The other day when I led the online class Meeting Notes Made Easy, an attendee I'll call Sheila asked how to avoid going into too much detail. Sheila worried that she usually writes a transcript, when what people need from meeting minutes are key points, decisions, and action items. Yet she did not know how to include less information. As people talked, she wrote.
Sheila admitted that people probably did not even read her meeting notes. Why not? Because they're too long.
If you too record everything people say, here is a way to summarize:
Choose the right verbs.
The right verbs are ones that help you summarize. These are words such as discussed, presented, gave, explained, and summarized.
The wrong verbs are ones that lead to word-for-word statements: said, stated, responded, replied, and countered.
The wrong verbs invited unnecessarily long passages like this one:
"Carol said desktops were a better choice because they're easier to work on. Hallie stated that she preferred laptops, so we can take them on the road. Nguyen countered with a preference for desktops because if people take the laptops on the road there won't be computers in the room for the purpose we had in mind. We all put in our two cents. Finally we decided on two desktops and one laptop."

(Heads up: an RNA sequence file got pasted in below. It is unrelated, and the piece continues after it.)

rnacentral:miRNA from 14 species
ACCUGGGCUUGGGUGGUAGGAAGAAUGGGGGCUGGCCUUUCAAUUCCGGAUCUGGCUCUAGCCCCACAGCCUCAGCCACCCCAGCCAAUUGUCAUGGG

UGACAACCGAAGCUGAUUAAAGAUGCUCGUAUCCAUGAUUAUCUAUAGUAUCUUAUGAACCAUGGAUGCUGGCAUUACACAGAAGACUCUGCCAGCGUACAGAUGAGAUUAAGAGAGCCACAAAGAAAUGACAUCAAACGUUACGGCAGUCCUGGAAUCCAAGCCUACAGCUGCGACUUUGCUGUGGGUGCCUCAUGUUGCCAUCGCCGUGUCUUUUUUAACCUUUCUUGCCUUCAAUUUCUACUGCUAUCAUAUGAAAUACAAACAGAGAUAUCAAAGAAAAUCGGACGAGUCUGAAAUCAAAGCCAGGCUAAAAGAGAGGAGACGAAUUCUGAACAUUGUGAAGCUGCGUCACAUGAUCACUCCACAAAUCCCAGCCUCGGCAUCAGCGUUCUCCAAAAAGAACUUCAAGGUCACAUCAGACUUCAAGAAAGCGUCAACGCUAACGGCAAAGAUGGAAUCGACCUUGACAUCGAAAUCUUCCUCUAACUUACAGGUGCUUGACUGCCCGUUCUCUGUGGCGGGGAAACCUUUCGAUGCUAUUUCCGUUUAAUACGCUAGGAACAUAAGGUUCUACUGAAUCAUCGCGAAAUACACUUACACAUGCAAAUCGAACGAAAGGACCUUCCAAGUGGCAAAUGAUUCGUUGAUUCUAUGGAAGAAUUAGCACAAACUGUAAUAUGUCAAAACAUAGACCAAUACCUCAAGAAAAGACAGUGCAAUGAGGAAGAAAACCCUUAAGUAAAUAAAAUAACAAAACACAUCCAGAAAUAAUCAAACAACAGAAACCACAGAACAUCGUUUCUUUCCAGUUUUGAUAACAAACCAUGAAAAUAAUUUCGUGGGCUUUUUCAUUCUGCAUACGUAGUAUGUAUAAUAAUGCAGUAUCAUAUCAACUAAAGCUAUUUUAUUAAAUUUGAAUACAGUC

Compare the passage below, which covers the discussion with one good verb: discussed.
"We discussed the merits of desktops and laptops. Decision: Purchase two desktops and one laptop."
These verbs help you capture what happened without "he said, she said" details.
- Stacy explained how the system works.
- Rubina summarized the customer data. The key finding was . . .
- Sam presented his group's proposal, which is attached.
- Lars gave an overview of the audit planning process.
If you have suggestions for Sheila that will help her eliminate unnecessary details in her meeting minutes, please share them. I will happily pass them on to her.
The next live web workshop Meeting Notes Made Easy takes place on May 4. Get details here.